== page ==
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Lincoln Police K9 handlers to adopt retiring police service dogs

Published: Jan. 1, 2021 at 4:54 PM CST
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LINCOLN, Neb. (KOLN) - After careers full of searching for drugs, suspects and evidence two Lincoln Police service dogs are retiring, and going home with their handlers.

“He’ll just get to relax, he’ll get free roam of the backyard,” Officer Matt Pulec, handler for Mikey said. “My wife thinks she’s converting him into a house pet.”

Mikey is one of the retiring dogs. Pulec said while Mikey is still healthy, he’s almost 11, and getting to an age where most K9′s retire.

Police K9 Mikey is retiring and will spend his time napping at his handler's home instead of...
Police K9 Mikey is retiring and will spend his time napping at his handler's home instead of helping track down drugs, suspects and evidence for the department.(Matt Pulec)

Yuri, is the second dog to retire. His handler, Officer Chris Howard said Yuri has a shoulder injury and after two years of managing his condition, he’s starting to slow down.

“I wanted to retire him to allow him time outside of police work,” Howard said.

Both Howard and Pulec will pay the city $1 to adopt the dogs.

“The bond is stronger than any pet I’ve ever had,” Pulec said. “You know they have your back if something ever goes bad. Knowing he’s like your human partner he’s got your back, its hard not to develop a strong bond.”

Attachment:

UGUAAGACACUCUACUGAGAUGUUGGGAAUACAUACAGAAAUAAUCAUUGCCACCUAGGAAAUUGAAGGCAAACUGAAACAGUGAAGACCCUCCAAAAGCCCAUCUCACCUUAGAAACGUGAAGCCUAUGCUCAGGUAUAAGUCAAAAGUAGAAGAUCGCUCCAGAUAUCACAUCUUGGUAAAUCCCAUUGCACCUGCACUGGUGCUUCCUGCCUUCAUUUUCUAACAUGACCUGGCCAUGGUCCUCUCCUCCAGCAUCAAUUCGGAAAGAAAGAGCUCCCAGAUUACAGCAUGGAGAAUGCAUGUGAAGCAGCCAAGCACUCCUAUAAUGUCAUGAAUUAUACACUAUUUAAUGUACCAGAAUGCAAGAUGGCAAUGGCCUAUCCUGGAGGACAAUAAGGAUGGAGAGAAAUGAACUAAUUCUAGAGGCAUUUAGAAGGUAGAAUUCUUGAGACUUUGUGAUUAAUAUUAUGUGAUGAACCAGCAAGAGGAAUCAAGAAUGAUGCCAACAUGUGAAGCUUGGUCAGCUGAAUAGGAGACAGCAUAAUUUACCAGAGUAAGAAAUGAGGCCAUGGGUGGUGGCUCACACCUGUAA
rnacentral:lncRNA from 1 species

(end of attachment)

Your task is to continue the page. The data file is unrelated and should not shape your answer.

Howard said he had never even considered not adopting Yuri.

“I’ve worked with him for seven years, he comes home with me, he goes to work with me he’s just been around,” Howard said.

Lincoln Police K9 handler Officer Chris Howard will adopt K9 Yuri after seven years of working...
Lincoln Police K9 handler Officer Chris Howard will adopt K9 Yuri after seven years of working as his partner.(Chris Howard)

Both officers will continue being service dog handlers. Pulec is now the handler for K9 Koby, the city’s first explosive detection dog. Howard’s new K9 is Jet.

The officers said it will take a while for the dogs to be at the same standards as Mikey and Yuri, who were very successful service dogs.

“I think Mikey located over 60 people,” Pulec said.

“There wasn’t anything I couldn’t train him to do,” Howard said. “If I could show him he could be successful at a task he would perform it at 100%.”

So now, they deserve a relaxing retirement at home with their partners.

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